The city was founded under the name of Dikiarchia in 529 B.C. by exiles coming from Samos. It defended, together with Cuma, the fate of Hellenism in the west against the Etruscans, but fell under the sannites from 421 bC.
Due to the abundance of thermal waters the Romans established there a colony, naming it Puteoli.
For political, economic, commercial and military reasons, it became one of the most important ports in the Mediterranean.
A colony from Nero was created there in 63 AD. with the name of Colonia Claudia Neronensis Puteolana.
Vespasian himself gave it the name of Colonia Flavia Augusta Puteolana.
With the rise of the port of Ostia at the mouth of the Tiber river, the decline of Pozzuoli began.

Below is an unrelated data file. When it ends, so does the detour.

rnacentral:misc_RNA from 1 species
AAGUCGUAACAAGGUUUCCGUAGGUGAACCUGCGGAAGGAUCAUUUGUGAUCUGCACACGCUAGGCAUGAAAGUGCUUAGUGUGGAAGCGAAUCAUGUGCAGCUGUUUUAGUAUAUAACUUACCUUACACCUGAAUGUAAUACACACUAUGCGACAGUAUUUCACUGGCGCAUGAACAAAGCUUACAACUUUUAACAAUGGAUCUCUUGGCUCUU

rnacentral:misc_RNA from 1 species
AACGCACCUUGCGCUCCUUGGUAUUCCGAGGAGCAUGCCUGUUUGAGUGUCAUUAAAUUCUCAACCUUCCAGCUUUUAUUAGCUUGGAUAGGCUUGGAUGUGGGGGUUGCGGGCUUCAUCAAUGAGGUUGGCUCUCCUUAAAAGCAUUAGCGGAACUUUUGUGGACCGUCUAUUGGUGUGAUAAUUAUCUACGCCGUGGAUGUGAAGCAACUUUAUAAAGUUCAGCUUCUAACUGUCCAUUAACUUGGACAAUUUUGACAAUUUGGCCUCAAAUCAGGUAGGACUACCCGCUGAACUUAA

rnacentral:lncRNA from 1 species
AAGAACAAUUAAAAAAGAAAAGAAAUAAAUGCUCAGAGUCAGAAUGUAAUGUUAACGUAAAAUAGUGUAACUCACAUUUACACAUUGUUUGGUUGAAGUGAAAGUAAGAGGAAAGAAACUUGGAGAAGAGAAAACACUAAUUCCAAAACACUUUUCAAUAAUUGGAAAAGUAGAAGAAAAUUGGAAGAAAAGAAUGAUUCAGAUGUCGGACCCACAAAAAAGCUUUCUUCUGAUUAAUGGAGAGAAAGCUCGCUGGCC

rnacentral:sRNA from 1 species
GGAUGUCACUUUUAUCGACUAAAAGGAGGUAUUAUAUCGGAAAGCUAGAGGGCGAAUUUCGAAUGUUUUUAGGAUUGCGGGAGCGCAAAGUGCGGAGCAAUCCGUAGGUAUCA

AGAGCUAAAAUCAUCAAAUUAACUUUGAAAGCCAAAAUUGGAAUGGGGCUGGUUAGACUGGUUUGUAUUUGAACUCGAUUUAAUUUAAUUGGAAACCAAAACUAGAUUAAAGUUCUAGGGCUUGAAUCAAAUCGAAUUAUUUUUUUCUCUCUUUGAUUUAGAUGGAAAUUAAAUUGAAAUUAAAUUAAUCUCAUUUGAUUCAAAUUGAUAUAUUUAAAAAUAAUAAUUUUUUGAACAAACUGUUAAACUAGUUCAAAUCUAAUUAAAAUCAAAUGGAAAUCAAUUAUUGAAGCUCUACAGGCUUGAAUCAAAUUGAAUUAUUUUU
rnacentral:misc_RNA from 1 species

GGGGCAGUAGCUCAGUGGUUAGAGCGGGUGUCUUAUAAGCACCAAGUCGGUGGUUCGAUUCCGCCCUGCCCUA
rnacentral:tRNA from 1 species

It was connected by Emperor Domitian to the capital of the Empire through Via Appia in Rome and the “Domiziana” road (completed in 95 AD).
Christianity flourished there, so much so that on its landing at Pozzuoli, St. Paul already found a thriving Christian community there.
Plundered during the barbarian invasions by Alaric, Genseric and Totila between the 5th and 6th centuries, the population moved to Naples, abandoning the city.